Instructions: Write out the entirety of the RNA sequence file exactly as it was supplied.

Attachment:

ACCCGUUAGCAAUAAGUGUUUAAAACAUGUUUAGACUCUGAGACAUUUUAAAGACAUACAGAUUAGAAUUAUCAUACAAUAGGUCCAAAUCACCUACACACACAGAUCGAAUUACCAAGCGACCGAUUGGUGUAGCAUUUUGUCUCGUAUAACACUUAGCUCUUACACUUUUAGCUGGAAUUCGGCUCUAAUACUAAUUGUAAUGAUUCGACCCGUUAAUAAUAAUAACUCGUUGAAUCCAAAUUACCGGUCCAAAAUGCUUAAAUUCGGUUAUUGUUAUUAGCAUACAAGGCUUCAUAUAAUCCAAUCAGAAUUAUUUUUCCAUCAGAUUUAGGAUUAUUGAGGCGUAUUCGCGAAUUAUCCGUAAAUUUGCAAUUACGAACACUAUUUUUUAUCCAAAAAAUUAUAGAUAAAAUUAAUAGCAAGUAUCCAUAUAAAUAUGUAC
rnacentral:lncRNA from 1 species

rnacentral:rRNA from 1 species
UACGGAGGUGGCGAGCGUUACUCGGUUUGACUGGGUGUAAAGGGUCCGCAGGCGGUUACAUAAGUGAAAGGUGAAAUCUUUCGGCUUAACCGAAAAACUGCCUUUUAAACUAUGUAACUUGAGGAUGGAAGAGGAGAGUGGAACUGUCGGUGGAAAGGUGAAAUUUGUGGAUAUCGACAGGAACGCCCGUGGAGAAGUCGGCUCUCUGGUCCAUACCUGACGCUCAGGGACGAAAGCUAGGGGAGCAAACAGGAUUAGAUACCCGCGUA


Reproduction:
ACCCGUUAGCAAUAAGUGUUUAAAACAUGUUUAGACUCUGAGACAUUUUAAAGACAUACAGAUUAGAAUUAUCAUACAAUAGGUCCAAAUCACCUACACACACAGAUCGAAUUACCAAGCGACCGAUUGGUGUAGCAUUUUGUCUCGUAUAACACUUAGCUCUUACACUUUUAGCUGGAAUUCGGCUCUAAUACUAAUUGUAAUGAUUCGACCCGUUAAUAAUAAUAACUCGUUGAAUCCAAAUUACCGGUCCAAAAUGCUUAAAUUCGGUUAUUGUUAUUAGCAUACAAGGCUUCAUAUAAUCCAAUCAGAAUUAUUUUUCCAUCAGAUUUAGGAUUAUUGAGGCGUAUUCGCGAAUUAUCCGUAAAUUUGCAAUUACGAACACUAUUUUUUAUCCAAAAAAUUAUAGAUAAAAUUAAUAGCAAGUAUCCAUAUAAAUAUGUAC
rnacentral:lncRNA from 1 species

rnacentral:rRNA from 1 species
UACGGAGGUGGCGAGCGUUACUCGGUUUGACUGGGUGUAAAGGGUCCGCAGGCGGUUACAUAAGUGAAAGGUGAAAUCUUUCGGCUUAACCGAAAAACUGCCUUUUAAACUAUGUAACUUGAGGAUGGAAGAGGAGAGUGGAACUGUCGGUGGAAAGGUGAAAUUUGUGGAUAUCGACAGGAACGCCCGUGGAGAAGUCGGCUCUCUGGUCCAUACCUGACGCUCAGGGACGAAAGCUAGGGGAGCAAACAGGAUUAGAUACCCGCGUA